Why I buy books in multiple formats, and you should too.

My library holds more than 1,000 books. Most in ebook format. Some titles I own in ebook and print, others in ebook and audio, and some in all three. Why? It’s all about the experience.

I’ve said many times; books are magic. They hold power. They can teach, entertain, motivate, inform, and inspire us. And the more we read, the higher our chances of being happier and more successful. What’s not to love?

But why buy books in multiple formats? Isn’t one enough?

What I’ve realized over the years is that I experience the formats of a book differently. What determines the form is the need I’m trying to fill and the experience I need to have to fill that need. And often I don’t know it until I experience it. And so my method of buying these books in different formats is a bit mad.

The method to my book buying madness

Discovering books

Discovery happens in so many ways: recommendations from friends, reading lists from trusted advisors, suggestions from an algorithm, recommendations from within another book, and a bit of random stumbling. 

Once I do discover a book that looks interesting, I begin first by downloading a sample of the ebook. I appreciate the immediate gratification and an opportunity to get a taste of the writing style and content.

Read the sample

Ideally, I read the downloaded sample immediately, while my interest is still fresh. My action is excellent for the publisher/marketer of the book. They’re counting on the immediate gratification and purchase decision. Otherwise, there’s a chance I’ll lose my initial excitement and leave the sample to gather digital dust.

Enjoy the ebook (or not)

If I like what I read, I’ll buy the ebook. And I’ll be honest, some of the books sit on my e-shelf and gather e-dust at this point. I always have good intentions but don’t always follow-through. And sometimes I start but don’t finish a book, and that’s ok too.

For the majority of my library, it stops with the ebook. There are a few different branches in the approach from here.

Fiction. Almost all of my fiction collection is in ebook format. I enjoy the freedom of reading at my own pace as I visualize the story and hear the characters’ voices in my head. I get lost in the blend of my imagination and the writer’s carefully chosen words. The magic transports me into the story.

I’ve tried to listen to the audiobook version of several works of fiction, but I just haven’t enjoyed it as much. 

And because I don’t often re-read works of fiction, an ebook meets my needs perfectly allowing countless stories to be at my fingertips, anytime and anywhere.

Non-fiction. For non-fiction titles, the ebook is sometimes just enough. I have access to my entire library wherever I am. The ebook format allows me to read any of my books anywhere as well as search, highlight, and taking notes.

There are very few instances where I’ll have a print book without the ebook version as well. That’s why I buy the ebook version first. 

Second and Third Helpings

Sometimes I want something more than an ebook can not deliver. When the ebook isn’t enough,  I reach for the second or possibly third helpings of the audio and print books.

Audiobooks. There are a few books in which the content contains content best experienced as if sitting across from the author having a coffee. The works include personal stories and emotional expression best heard rather than read. For these books, I’ll download the audio version.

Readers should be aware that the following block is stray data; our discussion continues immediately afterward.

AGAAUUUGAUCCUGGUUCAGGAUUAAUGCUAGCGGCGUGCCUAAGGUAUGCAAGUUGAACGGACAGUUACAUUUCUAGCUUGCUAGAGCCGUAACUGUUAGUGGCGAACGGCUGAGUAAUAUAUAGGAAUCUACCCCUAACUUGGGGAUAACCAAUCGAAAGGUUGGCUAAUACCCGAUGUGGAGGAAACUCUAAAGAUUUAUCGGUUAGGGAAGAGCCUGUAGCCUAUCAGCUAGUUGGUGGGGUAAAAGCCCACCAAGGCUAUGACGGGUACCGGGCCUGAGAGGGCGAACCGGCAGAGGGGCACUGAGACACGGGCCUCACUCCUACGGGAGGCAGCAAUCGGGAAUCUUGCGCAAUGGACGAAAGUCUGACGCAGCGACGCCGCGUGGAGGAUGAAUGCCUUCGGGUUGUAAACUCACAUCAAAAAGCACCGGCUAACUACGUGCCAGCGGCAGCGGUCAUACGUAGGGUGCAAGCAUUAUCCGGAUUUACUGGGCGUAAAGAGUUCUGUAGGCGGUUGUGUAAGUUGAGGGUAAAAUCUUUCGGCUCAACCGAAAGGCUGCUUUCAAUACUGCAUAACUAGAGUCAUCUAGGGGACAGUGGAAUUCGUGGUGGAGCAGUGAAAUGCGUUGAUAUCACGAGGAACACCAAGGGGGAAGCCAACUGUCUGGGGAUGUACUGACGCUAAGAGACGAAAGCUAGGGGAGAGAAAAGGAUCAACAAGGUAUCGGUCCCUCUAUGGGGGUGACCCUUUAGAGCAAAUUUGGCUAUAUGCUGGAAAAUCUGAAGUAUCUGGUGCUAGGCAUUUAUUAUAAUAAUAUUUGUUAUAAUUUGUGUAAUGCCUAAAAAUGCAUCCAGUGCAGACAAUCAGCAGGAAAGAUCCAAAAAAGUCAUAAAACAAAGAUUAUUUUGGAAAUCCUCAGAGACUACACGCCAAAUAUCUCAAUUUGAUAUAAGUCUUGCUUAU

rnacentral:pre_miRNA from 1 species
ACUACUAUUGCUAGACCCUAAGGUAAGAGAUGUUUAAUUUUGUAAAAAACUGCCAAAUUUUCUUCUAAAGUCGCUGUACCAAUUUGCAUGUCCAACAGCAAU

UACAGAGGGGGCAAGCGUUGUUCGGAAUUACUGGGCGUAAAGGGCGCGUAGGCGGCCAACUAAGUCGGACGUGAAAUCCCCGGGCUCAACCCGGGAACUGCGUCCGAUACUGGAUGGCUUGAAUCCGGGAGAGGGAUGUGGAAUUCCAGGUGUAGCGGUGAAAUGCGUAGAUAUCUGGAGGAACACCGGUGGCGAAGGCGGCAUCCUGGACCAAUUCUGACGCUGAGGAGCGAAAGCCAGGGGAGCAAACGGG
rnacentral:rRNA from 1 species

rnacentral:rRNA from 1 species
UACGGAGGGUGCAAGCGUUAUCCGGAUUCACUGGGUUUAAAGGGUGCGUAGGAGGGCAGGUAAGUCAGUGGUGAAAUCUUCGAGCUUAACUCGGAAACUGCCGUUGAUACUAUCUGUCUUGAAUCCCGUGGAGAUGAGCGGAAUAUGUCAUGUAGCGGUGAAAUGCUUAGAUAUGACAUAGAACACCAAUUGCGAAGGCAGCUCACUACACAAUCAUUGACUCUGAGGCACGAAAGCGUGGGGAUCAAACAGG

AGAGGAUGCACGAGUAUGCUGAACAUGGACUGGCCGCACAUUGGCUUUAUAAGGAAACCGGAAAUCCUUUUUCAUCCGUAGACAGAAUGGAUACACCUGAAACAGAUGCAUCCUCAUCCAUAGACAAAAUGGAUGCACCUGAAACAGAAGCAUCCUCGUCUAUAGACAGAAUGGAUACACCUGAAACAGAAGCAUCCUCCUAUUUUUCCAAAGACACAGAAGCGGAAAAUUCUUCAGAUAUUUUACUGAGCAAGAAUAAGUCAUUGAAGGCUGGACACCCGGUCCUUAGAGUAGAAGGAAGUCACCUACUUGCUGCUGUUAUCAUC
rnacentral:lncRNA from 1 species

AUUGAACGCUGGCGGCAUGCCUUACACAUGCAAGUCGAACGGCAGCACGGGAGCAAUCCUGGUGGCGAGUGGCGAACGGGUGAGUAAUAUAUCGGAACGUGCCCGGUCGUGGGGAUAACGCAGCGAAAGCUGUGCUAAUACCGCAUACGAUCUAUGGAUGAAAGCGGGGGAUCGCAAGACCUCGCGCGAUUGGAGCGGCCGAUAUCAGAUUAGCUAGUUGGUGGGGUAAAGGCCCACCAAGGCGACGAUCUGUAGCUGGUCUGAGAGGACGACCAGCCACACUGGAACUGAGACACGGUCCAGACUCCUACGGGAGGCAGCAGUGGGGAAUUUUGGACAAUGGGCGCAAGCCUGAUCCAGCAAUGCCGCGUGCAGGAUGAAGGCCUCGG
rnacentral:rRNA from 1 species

There are other reasons to buy the audio version. The ability to listen to a book while driving,  or doing some other task is a great reason.  I caution that for a deep understanding of a book, this is not the ideal approach.

Of course, the choice of the narrator can make or break the experience. I’d recommend listening to a sample before buying. I love it when the author narrates their work, but sometimes it’s not the best choice. Three of my favorite authors who are exceptional narrators are Elizabeth Gilbert, Brene Brown, and Neil Gaiman.

The books I avoid on audiobook are highly technical, heavy with research or references, or have a lot of visual diagrams.

Print books. I prefer digital copies of books to reduce the need for shelf space and honestly to avoid having house movers complain about how many boxes of books I have compared to all of my other belongings. 

Every so often, a book must be experienced as a print copy. These non-fiction books have a role beyond sharing information; they become my advisors. 

Books I buy in print are used frequently and become a regular part of my life. They grow well worn with bookmarks, highlighting, and notes written in the margins and scraps of paper with notes stuffed in between pages. 

Yes, I can do all of those things with an ebook, but those I select to buy in print are more than mere books.  These books sit on the corner of my desk and night table as reminders of the vital experience they provide. Whatever message they carry, it’s one I have brought into my daily life.

Any book I have in multiple formats, I enjoy in each form. I listen and read the book at the same time, studying, listening, taking notes. The more senses I use to experience the message of the book, the more likely I am to internalize it.


Though I follow this method most of the time, I occasionally try something a little different. I’ll buy fiction in audiobook form, or go straight to a print book from a new author.  I’ve read an ebook and then months or even years later listened to an audiobook version and got something completely different from it. It’s surprising how the format can change the experience. 

My challenge to you: What books can you try in a different format? What format can enhance your experience of the books’ message? What ten books would you benefit from having in more than one form?